Infrastructure & Planning student in the Netherlands.
Sometimes make things like this:
And I write here:
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Collaborated with someone in my field to write an essay for a conference where all attendees must write (and present, when selected) an essay on transportation.
Found a really neat leather notebook in a Tibetan store. Used what little calligraphic skills I have to make it into my new D&D notebook.
I do want to make more music, so I enrolled into a biweekly private class on making electronical music that starts in two weeks. Fiddled around with synths a bunch lately but I want someone to teach me some basics.
Practically though, this.
- The phrase “like to see the democratic system go down” is chilling — and raises the question: How worried should we be about a fundamental threat to democracy from the apparently large numbers of Americans who embrace chaos as a way of expressing their discontent?
I just came back from doing some errands while listening to the part in Robert Putnam's Bowling Alone where he discusses the generational differences in civic engagement. He predicted civic engagement to continue to go down for a while as a result of each successive generation being less interested in engagement than the previous one starting with the boomers.
I wonder what he'd have to say in response to civic hostility the likes of which are described here - it's one thing to not vote, it's quite another to microtarget racist memes to Fox News boomers on Facebook because you'd like to see the world burn.
I've overstretched a tendon (think that's what it whas called) a while ago. Sucked, took like four months to recover, but at least it wasn't permanent, and it was something that noticably got better over time. I hope it's that - it's better than the alternatives.
Been nerding on books lately. With my newfangled big bookcase next to my bed, it's literally the first thing I see in the morning, so that probably helps. I'm slowly collecting the books I love the most but have read as audiobook for my bookcase. Got myself a nice printed version of Watchmen. Read the first part, but I should really revisit the rest soon. Backintheday I read it as PDF but print is so much nicer.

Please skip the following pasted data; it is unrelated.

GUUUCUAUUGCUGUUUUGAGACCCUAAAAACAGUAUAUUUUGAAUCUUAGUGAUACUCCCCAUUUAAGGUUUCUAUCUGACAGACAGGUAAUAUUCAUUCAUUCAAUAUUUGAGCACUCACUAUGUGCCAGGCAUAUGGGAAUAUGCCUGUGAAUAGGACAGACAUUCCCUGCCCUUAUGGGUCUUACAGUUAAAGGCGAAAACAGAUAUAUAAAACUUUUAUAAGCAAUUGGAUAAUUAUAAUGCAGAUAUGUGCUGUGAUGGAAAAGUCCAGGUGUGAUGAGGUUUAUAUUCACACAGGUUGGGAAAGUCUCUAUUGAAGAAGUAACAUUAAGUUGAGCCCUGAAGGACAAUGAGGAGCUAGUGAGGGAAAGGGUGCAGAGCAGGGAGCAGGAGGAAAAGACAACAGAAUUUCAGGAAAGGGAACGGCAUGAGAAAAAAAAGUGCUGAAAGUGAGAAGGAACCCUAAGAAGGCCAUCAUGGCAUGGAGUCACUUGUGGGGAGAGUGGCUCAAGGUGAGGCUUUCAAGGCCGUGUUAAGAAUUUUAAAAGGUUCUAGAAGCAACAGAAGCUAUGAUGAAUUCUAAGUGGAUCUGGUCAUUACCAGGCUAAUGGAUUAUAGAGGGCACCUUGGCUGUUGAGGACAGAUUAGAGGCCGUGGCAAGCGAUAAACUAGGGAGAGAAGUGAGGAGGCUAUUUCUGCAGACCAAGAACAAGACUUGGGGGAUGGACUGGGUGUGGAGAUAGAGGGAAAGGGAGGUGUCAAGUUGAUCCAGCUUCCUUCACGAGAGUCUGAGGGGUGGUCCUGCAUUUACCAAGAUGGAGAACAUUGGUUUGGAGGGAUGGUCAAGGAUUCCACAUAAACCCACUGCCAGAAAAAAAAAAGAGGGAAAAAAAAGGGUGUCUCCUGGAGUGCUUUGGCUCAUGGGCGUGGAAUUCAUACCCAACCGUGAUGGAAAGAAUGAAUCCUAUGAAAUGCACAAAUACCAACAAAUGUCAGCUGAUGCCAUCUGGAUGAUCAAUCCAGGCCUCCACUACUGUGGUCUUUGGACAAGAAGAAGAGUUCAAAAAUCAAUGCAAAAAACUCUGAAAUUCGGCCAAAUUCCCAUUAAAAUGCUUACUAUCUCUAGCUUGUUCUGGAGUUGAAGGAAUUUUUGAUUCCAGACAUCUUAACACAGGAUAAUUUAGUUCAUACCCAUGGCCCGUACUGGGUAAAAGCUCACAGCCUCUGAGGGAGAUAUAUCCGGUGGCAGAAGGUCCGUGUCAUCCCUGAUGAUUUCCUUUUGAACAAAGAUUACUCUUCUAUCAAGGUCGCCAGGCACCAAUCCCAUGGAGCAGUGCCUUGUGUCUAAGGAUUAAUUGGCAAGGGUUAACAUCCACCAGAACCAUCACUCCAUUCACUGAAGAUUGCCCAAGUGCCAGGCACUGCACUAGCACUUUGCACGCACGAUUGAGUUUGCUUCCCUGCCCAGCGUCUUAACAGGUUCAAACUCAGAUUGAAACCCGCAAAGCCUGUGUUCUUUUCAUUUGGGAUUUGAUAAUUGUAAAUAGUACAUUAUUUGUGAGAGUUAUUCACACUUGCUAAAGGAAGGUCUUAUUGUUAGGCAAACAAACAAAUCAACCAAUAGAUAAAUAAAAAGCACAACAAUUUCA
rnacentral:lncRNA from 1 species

Also (finally) got myself a physical copy of the D&D PHB and made a D&D corner in my bookcase. Last session my character died, (heroically of course) so I got a bunch of spell cards for my new druid. Wrote him to be the member of a cult of informants who believe in Zoroastrian dualism (in a polytheistic world) wherein everything natural has good spirits, and everything man-made / technological removes those spirits and is thus evil. Basically a doomsday Luddite, because I think that's gonna be a lotta fun.
Picked up some scifi yesterday in the Audible sale - Bacigalupi, Le Guin and Chricton for the prize 'o two. I dove into sci-fi last year, but ended up running back to cozier nonfiction after a few months. But I want to give it another dive. ilex, I now have The Dispossessed and kb's interested too so we might have to do a Sci-fi club. Paging zebra2.
Google suggested this album to me yesterday. Basically a stripped down Feist, but the kind of summery sunday indie vibes that I needed.
- I know it's potentially disruptive for meetings, but many face-to-face meetings could be just as effective if they were teleconferences.
I highly disagree. As someone who can work whenever and wherever he wants, with only meetings to tether me to the office, I much prefer 30 minutes of in-person chat to a 30-minute call. I regularly go to the office longer than I need to or on days where I have no appointments there because random run-ins and quick brainstorm chats definitely have their value. Go read this if you haven't already.
Students have free public transport over here, which has resulted in enormous growth in peak demands since that free card was introduced. So now many cities over here have staggered their rosters; school A starts at 8:30, and school B at 9:00 so that they don't all want the same 8:15 bus.
Some cities reach out to their biggest employers. Half of all jobs in my city were either in higher ed or at the massive hospital, so the city got them to cooperate as well, staggering shifts and giving employees benefits for 'peak-avoidance'.
It's hard to measure the impact of it all, but it's definitely a solution that works on a smaller scale.